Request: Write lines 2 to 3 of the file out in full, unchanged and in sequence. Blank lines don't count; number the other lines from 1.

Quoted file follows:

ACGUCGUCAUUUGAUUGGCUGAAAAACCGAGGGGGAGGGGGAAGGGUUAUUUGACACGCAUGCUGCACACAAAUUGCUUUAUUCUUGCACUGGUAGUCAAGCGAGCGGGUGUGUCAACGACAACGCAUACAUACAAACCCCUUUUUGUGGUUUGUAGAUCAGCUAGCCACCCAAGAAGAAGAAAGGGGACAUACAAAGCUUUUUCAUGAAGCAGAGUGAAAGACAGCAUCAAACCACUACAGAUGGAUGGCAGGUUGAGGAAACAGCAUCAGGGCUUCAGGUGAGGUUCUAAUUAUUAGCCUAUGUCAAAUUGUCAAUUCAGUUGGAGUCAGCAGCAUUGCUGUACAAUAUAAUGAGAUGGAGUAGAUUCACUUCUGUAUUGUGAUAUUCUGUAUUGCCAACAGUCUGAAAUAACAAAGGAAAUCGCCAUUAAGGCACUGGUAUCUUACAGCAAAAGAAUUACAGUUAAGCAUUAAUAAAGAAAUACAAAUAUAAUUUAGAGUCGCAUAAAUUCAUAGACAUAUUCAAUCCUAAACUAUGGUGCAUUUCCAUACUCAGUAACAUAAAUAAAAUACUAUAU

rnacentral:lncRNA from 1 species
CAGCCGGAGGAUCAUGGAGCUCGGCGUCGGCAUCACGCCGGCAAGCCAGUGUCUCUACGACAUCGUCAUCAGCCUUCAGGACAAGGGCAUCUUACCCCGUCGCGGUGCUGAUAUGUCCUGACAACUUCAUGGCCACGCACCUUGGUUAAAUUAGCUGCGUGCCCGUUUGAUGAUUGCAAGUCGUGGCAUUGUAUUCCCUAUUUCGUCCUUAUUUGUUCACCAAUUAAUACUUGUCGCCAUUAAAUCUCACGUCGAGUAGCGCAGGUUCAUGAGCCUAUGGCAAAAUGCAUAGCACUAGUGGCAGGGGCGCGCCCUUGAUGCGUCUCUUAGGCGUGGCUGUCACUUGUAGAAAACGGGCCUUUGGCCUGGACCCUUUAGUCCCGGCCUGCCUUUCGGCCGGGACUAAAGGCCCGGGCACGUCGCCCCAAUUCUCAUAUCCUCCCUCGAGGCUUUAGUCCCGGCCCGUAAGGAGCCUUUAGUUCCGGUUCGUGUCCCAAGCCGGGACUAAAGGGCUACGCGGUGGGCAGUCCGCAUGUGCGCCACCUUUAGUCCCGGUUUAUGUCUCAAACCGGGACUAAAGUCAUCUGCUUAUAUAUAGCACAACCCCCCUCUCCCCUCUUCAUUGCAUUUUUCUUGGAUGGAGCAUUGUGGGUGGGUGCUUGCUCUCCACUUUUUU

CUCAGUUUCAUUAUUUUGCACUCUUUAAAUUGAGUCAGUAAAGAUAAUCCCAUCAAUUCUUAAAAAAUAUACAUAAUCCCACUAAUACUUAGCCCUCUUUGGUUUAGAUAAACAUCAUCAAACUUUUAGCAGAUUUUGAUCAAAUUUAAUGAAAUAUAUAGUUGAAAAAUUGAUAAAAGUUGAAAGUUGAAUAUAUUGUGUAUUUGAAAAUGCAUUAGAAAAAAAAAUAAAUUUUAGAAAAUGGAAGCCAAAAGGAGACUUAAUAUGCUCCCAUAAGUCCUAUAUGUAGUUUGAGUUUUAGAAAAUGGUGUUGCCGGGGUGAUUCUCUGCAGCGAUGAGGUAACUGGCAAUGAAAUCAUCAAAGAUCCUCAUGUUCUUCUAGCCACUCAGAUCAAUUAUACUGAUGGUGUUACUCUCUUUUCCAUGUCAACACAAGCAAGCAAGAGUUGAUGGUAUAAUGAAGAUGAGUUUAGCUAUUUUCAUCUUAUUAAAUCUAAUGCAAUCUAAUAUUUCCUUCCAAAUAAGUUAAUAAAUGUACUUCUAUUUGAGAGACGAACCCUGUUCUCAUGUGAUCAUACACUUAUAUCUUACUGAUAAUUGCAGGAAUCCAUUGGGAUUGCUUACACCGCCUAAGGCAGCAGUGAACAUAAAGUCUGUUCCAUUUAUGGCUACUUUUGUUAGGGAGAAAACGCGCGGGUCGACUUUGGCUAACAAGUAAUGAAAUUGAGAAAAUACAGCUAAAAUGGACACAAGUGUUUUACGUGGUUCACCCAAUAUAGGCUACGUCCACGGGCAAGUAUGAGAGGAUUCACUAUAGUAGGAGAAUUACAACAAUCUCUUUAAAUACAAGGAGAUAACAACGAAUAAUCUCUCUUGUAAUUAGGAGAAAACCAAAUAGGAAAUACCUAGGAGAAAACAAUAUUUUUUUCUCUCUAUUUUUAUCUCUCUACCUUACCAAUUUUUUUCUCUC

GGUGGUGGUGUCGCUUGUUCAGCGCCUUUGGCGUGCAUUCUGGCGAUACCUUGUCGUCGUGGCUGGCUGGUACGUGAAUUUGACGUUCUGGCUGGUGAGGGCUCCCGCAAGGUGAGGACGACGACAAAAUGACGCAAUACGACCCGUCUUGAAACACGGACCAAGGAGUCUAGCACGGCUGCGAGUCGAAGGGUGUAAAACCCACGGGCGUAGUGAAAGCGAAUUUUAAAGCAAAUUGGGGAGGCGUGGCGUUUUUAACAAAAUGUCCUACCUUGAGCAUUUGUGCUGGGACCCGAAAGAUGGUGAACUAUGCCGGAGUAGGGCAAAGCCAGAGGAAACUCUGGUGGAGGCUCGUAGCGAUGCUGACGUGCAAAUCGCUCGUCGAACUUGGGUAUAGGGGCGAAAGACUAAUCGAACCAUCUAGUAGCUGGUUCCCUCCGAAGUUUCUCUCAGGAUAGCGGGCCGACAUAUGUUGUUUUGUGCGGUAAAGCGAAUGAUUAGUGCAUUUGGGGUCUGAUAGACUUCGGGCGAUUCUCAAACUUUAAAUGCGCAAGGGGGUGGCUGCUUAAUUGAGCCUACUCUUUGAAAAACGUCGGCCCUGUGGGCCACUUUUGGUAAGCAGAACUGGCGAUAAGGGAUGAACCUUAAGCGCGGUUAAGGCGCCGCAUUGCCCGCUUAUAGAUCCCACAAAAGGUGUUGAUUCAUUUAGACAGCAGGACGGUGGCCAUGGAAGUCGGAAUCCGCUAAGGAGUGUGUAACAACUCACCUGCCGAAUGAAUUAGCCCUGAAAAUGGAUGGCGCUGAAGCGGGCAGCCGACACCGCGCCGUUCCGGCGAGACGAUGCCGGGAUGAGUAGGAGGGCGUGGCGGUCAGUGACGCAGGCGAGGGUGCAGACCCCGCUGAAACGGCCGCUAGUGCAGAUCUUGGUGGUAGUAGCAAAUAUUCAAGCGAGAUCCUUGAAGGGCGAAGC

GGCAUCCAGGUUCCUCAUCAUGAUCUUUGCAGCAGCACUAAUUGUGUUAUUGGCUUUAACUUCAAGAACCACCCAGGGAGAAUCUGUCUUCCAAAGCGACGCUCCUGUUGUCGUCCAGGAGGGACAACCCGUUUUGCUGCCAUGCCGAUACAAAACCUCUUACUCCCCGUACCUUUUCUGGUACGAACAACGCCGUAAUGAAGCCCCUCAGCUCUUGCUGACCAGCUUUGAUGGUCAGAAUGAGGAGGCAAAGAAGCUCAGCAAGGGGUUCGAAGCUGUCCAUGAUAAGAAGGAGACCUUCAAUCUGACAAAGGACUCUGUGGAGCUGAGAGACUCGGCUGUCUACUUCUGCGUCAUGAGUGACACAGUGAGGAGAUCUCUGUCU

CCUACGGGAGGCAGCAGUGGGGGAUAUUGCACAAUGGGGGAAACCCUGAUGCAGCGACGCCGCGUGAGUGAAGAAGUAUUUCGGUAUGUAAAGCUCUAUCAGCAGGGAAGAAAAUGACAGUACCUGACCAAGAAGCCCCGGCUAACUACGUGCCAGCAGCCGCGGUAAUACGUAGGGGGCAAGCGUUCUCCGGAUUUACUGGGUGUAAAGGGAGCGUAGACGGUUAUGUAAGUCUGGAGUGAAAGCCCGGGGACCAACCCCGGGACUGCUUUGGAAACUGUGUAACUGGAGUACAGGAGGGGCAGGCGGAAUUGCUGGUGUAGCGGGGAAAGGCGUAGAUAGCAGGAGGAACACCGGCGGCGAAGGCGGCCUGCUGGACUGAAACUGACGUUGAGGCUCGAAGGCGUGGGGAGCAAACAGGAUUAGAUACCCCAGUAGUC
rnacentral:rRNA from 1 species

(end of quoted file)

rnacentral:lncRNA from 1 species
CAGCCGGAGGAUCAUGGAGCUCGGCGUCGGCAUCACGCCGGCAAGCCAGUGUCUCUACGACAUCGUCAUCAGCCUUCAGGACAAGGGCAUCUUACCCCGUCGCGGUGCUGAUAUGUCCUGACAACUUCAUGGCCACGCACCUUGGUUAAAUUAGCUGCGUGCCCGUUUGAUGAUUGCAAGUCGUGGCAUUGUAUUCCCUAUUUCGUCCUUAUUUGUUCACCAAUUAAUACUUGUCGCCAUUAAAUCUCACGUCGAGUAGCGCAGGUUCAUGAGCCUAUGGCAAAAUGCAUAGCACUAGUGGCAGGGGCGCGCCCUUGAUGCGUCUCUUAGGCGUGGCUGUCACUUGUAGAAAACGGGCCUUUGGCCUGGACCCUUUAGUCCCGGCCUGCCUUUCGGCCGGGACUAAAGGCCCGGGCACGUCGCCCCAAUUCUCAUAUCCUCCCUCGAGGCUUUAGUCCCGGCCCGUAAGGAGCCUUUAGUUCCGGUUCGUGUCCCAAGCCGGGACUAAAGGGCUACGCGGUGGGCAGUCCGCAUGUGCGCCACCUUUAGUCCCGGUUUAUGUCUCAAACCGGGACUAAAGUCAUCUGCUUAUAUAUAGCACAACCCCCCUCUCCCCUCUUCAUUGCAUUUUUCUUGGAUGGAGCAUUGUGGGUGGGUGCUUGCUCUCCACUUUUUU